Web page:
Wednesday, April 04, 2018

Songhay crows and Korandje ravens

In Niamey, where I went last week for a workshop on Songhay as a cross-border language, the crows do something I've never seen them do in any other country: they come to the window and start tapping on the glass, like something out of Edgar Allen Poe. The reaction of my fellow attendees taught me a new Songhay word - gaaru-gaaru "pied crow" (Heath 1998) - which in turn revealed a new Korandje etymology. In Korandje, "raven" is gạḍi. The shift of intervocalic *d to r in mainstream Songhay is well-established (Nicolaï 1981). But the vowels are more interesting.

Korandje usually derives from *ar or *or. In several inherited Songhay words, however, seems to derive from *a not followed by *r: thus kạṣ-əw "rough" < kas-ow, bạzu "skin bucket, waterbag" < baasu, hạmu "meat" < *hamu, kə̣kkạbu "key" < *karkabu. Yet *a otherwise usually yields a in similar contexts: contrast gani "louse" < *gani, akama "wheat" < *alkama, dzam-a "do it" < *dam-a. It looks as though the vowel in the following syllable is what makes the difference: if it's rounded, you get , otherwise you get a (though one or two exceptions suggest that the story may be more complicated: notably, "difficult" is gab-ə̣w < *gab-ow.) Assuming this rule, *gaadu should regularly have yielded gaaru in mainstream Songhay and gạḍu in Korandje.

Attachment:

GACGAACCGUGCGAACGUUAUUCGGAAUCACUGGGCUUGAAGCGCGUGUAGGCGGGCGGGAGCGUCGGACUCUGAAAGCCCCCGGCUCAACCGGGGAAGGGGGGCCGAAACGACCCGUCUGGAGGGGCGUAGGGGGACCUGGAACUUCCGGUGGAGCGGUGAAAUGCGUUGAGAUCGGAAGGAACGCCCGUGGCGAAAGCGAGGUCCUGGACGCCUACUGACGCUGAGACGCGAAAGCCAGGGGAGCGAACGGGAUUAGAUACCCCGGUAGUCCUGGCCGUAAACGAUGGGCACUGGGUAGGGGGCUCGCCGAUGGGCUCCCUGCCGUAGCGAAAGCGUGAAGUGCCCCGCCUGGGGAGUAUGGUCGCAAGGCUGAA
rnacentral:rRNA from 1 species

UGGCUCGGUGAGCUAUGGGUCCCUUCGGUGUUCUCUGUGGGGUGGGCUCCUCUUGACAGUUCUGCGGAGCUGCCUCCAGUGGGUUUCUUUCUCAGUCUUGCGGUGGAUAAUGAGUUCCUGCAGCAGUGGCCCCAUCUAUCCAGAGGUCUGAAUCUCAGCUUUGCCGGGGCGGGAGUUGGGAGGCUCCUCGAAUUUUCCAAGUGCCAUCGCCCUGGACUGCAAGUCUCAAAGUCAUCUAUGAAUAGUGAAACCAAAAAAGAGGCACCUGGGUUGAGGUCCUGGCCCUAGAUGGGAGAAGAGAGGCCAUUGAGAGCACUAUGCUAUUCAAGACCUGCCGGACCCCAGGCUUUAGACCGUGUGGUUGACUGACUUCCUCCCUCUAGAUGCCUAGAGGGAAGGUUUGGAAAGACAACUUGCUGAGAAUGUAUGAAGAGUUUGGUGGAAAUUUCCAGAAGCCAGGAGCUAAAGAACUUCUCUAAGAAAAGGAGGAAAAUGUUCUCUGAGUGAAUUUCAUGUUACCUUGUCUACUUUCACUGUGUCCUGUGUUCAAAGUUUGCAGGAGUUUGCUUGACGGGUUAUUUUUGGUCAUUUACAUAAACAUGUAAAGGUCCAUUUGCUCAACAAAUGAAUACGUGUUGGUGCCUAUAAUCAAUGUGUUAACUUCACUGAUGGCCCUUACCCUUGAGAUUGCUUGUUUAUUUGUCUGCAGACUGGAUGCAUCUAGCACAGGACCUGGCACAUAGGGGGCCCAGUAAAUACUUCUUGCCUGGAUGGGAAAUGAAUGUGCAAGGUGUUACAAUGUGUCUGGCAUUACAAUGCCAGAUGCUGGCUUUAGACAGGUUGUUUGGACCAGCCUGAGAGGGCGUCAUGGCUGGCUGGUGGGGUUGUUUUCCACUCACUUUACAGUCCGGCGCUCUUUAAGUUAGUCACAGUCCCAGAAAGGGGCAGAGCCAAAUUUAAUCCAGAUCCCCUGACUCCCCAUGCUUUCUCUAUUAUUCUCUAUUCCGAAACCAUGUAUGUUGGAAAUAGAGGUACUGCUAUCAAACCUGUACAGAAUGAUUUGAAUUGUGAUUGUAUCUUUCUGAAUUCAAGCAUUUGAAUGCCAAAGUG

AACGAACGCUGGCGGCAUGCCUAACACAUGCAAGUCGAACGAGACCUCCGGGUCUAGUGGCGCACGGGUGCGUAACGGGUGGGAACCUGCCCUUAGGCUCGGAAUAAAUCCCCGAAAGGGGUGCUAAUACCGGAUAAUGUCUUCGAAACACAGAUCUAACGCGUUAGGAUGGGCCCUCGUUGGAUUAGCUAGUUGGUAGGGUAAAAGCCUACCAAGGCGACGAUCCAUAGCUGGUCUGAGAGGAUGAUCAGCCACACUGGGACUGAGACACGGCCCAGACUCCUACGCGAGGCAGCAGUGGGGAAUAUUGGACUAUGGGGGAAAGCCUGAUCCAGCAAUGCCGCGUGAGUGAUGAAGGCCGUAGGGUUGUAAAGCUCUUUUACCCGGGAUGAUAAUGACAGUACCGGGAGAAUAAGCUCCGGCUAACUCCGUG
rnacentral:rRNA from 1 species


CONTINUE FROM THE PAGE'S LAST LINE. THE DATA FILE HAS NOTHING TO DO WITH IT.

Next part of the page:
What we actually get, however, is gạḍi. Why? Well, Korandje has a rule of final high vowel deletion phrase-internally: if a word ends in i or u, its final vowel will be deleted unless it comes before a pause, ie most of the time. (Basically the opposite of Classical Arabic.) In a number of words, this seems to have led to confusion between original -i, -u, and consonant-final words. For instance, ạṣạnkri "skink" comes from Berber asrmkal, which should regularly have yielded ạṣạmkər; the i is unetymological (Souag 2015). In effect, speakers must have been hypercorrecting final high vowels - a fact which suggests that, if Korandje survives, it may be on its way towards phonologically losing them altogether, much as Classical Arabic did with final short vowels.